Google Webmaster Guideline Updates You Should Know About
Google has finally updated their Google Webmaster Guidelines. For a long time now, site owners and people who do SEO have been screaming for more detail about what Google wants from them, and Google listened … well, at least a little.
The new guidelines still leave much to be figured out on your own, but at least they offer a somewhat clearer starting point than we had before. Here are a few things I found interesting.
Blog Reviews — Right and Wrong?
There are thousands of niche blogs that have developed a solid level of authority, thanks to their dependably kickass content and healthy number of faithful subscribers. Nearly all of them enjoy an arrangement with various companies or product owners who give them free sample product so it can be reviewed on the blog. In return, the company usually gets a link from that blog post, which is a great way for it to get in touch with a tightly targeted audience.
For example, a beauty blog with a hefty number of subscribers who visit regularly is offered a new moisturizer from a skin care company in return for coverage in the blog. Seems legit and fair, right? It’s a classic marketing strategy, whether you’re used to the online or offline variety, to get new products and brands in front of your target audience.
But that’s not necessarily kosher, according to Google. The Google Webmaster Guidelines say that if you do this, then a link to the company had better not be included. If it is, you risk a slap on the hand for both your site and the company’s site.
Here’s the exact statement under “Link Schemes” where Google promises penalties:
Buying or selling links that pass PageRank. This includes exchanging money for links, or posts that contain links; exchanging goods or services for links; or sending someone a “free” product in exchange for them writing about it and including a link
Notice two things about this. First, it includes both buying and selling. So both parties are taking a risk here. Second, it’s only for links that can pass Page Rank — in other words, follow links.
Playing Fair with Rich Snippets
Rich Snippets make your listing in the search engine visually more appealing and give users a better idea what they’ll find on your site. If you haven’t dived into Rich Snippets, you should be forewarned that it will probably take some time to master. There are several ways to make your site ready for Rich Snippets, including the use of Microdata, RDFa, and Microformats. They don’t mention it, but Shema.org is a good one, too.
But be sure to do it right. You can test what you’re doing by using the Structured Data Testing Tool. Also, make sure you aren’t misleading the user in any way or otherwise appearing to abuse the Rich Snippet feature. If Google catches you at it, they can manually disable Rich Snippet for your site — and that means you’ve wasted time and money.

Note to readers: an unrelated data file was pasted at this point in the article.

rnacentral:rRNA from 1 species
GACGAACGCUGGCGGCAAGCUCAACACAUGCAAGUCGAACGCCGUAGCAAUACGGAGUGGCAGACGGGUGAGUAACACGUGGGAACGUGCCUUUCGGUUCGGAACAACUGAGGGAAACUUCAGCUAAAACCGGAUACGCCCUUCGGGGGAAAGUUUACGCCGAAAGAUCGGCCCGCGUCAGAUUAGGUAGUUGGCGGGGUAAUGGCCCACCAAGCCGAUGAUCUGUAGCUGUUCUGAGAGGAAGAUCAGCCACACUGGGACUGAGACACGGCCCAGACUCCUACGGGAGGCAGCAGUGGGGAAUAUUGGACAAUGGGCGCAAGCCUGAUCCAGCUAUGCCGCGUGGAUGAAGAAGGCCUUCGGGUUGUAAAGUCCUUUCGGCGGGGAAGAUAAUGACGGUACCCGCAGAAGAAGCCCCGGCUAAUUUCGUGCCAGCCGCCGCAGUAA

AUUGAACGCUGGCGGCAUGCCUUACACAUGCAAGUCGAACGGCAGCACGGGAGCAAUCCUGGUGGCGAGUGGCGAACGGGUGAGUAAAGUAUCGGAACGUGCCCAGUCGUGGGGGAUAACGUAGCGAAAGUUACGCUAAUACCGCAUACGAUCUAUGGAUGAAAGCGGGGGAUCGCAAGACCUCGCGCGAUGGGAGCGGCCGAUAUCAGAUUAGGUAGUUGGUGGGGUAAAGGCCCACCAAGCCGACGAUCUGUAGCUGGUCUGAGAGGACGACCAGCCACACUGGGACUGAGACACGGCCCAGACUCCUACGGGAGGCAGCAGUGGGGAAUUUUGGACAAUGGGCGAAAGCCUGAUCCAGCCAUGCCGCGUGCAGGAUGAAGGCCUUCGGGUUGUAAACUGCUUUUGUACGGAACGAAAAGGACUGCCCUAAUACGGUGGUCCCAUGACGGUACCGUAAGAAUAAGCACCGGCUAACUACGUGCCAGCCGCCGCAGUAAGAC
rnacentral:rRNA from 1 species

If your content is not evergreen then make sure your Rich Snippets display time-relevant information. If not, Google may decide not even to show it to users.
A New Breed of Doorway Pages?
Traditionally, doorway pages were single-page sites that offered little to no value and were designed specifically to direct traffic somewhere else. Webmasters would build these in bulk to drive visitors to their chosen site. Most of the time this was done by affiliate marketers, but hang on … didn’t Google just make a huge change to how a doorway gets labeled?
If you run a small business — let’s say in Cleveland — and you have several domains that target the area and direct users to your main site, you may need to rethink things. Google says this:
Having multiple domain names targeted at specific regions or cities that funnel users to one page
I can hear SEO’ers who focus on small business sites screeching to a halt to figure out what this means.
But wait, there’s more. Let’s say your Cleveland business delivers statewide. You have several pages on your site that target keyword phrases in other regions of Ohio. You too may also need to rethink things. From the horse’s mouth:
Multiple pages on your site with similar content designed to rank for specific queries like city or state names
This poses some potentially devastating effects for small-business sites. The second is more easily dealt with: Just ensure that each page is nothing like the others and offers unique value to visitors, and you should be okay.
Keeping Up with Google Webmaster Changes
A very interesting find is a tool created by Shaun Anderson. You can use this to see when updates have occurred to different sections of Google’s Webmaster Tool. It isn’t going to tell you what the changes are, but it will tell you which sections have been updated so you can go see what’s happening. You can find it here.
The rest appear to be things good SEO’ers have been saying for a while: Focus on the user. Create your site and each page with the user in mind, employing these on-site SEO tips, and don’t participate in link building that isn’t natural.
As Google says, if you would feel uneasy explaining your link building to them or to a competitor, then it’s probably not something you should be doing. Just a few of the things that (ironically) are stated by thousands of SEO’ers out there, which you should avoid:
- Spammy forum signatures and “profile links”
- Mass links across many sites in the footer (think “sponsoring” a WordPress theme)
- Text links plopped into the middle of poorly written content that provides no real value
- Link “exchanges”
- Using automated programs/services to build massive amounts of useless backlinks
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